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10 hiring tips for business owners

Advertising for staff - 10 tips for hiring for business owners

Australia’s unemployment rate may be on the rise, but the reality is there’s a huge skill shortage in many areas. Talented and experienced people with certain skill sets are spoilt for choice, and there are many companies looking to hire.

This presents a challenge for both the recruitment and retention of skilled workers. Smaller businesses may struggle to compete with large corporations offering Google-style perks and huge salaries. So how can you ensure your job ads stand out from the crowd and attract the right people?

1. Be honest and specific

Job ads that are generic with minimal detail have little appeal to jobseekers. Take the time to write an honest, descriptive ad and use language understood by your target sector. Your business may be small, but if you can convey its great culture, or benefits such as flexible working, your ad will be much more attractive.

2. Try social media

It’s free to create a company page on LinkedIn and build your profile. Once you have a presence online, it’s easier to find people – and they may even come to you. Another option is to start discussion groups on LinkedIn.

Once you have a position available, you can fire your job advert to followers who may be interested themselves or can share the ad within their circles. It’s a better place to start than simply going out blind and hoping you’ll receive a few responses. Plus it all adds to building your branding with more people following your company page. A LinkedIn recruiter licence is also a fraction of the cost of using agencies since it’s a simple annual fee.

3. Use job sites

Major job-listing sites such as SEEK are relatively inexpensive for placing an ad. But you need to keep your advert specific or you could be flooded with hundreds of replies. Vague job ads are a big mistake.

4. Try before you buy

Contractors and temporary staff can be a great way to test out a new role without the risk of extra headcount if it doesn’t work out. On the flip side, if you are paying someone on a high daily rate and then need them for a couple of years, it’s going to get expensive.

5. Cultivate existing staff

Always advertise internally first. Promoting from within can be a great idea, even if you have to train them in a skill they don’t yet possess – you already know they’re the right type of person and a good fit for your company.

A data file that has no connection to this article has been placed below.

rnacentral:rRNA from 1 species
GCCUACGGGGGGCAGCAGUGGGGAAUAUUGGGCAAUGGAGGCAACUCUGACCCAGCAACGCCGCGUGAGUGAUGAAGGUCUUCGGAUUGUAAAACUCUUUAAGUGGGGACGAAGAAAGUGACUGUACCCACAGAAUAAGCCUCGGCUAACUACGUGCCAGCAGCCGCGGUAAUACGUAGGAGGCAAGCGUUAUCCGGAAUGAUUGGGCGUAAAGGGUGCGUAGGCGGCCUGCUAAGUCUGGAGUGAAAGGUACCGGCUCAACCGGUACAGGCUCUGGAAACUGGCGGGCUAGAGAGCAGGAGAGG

6. Consider internal recommendations

This can be a great way to find new staff. It can cut costs and possibly be a better cultural fit, and employees will be able to recommend suitable people from within their vast networks.

7. Check your competitors

Browsing SEEK is a great way to see how your competitors are advertising their positions. Look at how they differentiate themselves and what skills and qualifications they’re targeting. LinkedIn is also very useful to see how your competitors are approaching their company page – how they do branding, job ads, culture, etc.

8. Focus on personality

Getting the right personality and the right team fit is the hardest part of recruitment, but it’s also the most crucial, particularly for a small business. Don’t start interviews by running through what you’re looking for in a role, as candidates will then just tell you what you want to hear. Instead find out who they are and what they’re passionate about.

9. Look for diversity

Having a diverse and inclusive workforce will benefit your business and also give you a wider pool of people to recruit from. If you have 20 people, for example, and they all come from different cultures, you can get all types of input. This will result in a better outcome than homogeneity.

“increase retention and reduce staff turnover you’ll face less of a recruitment headache”

10. Review and revise

If you receive a poor response rate or lack of quality applicants, revise your job ad. Was it specific enough to the role? If you are seeking a very specific skill set, you may need to try headhunting. Start on LinkedIn and hire an external agency as a last resort.

One of the thorniest areas is discussing salary, but you need to ensure there are realistic expectations on both sides or you’ll be wasting your time. Have an open and honest conversation over the phone first to find out their expectations and explain how salary is calculated.

Finally, prevention is better than cure. If you can increase retention and reduce staff turnover you’ll face less of a recruitment headache in the future. A positive company culture, offering flexibility and having clear career paths for your employees will help you hold on to them.

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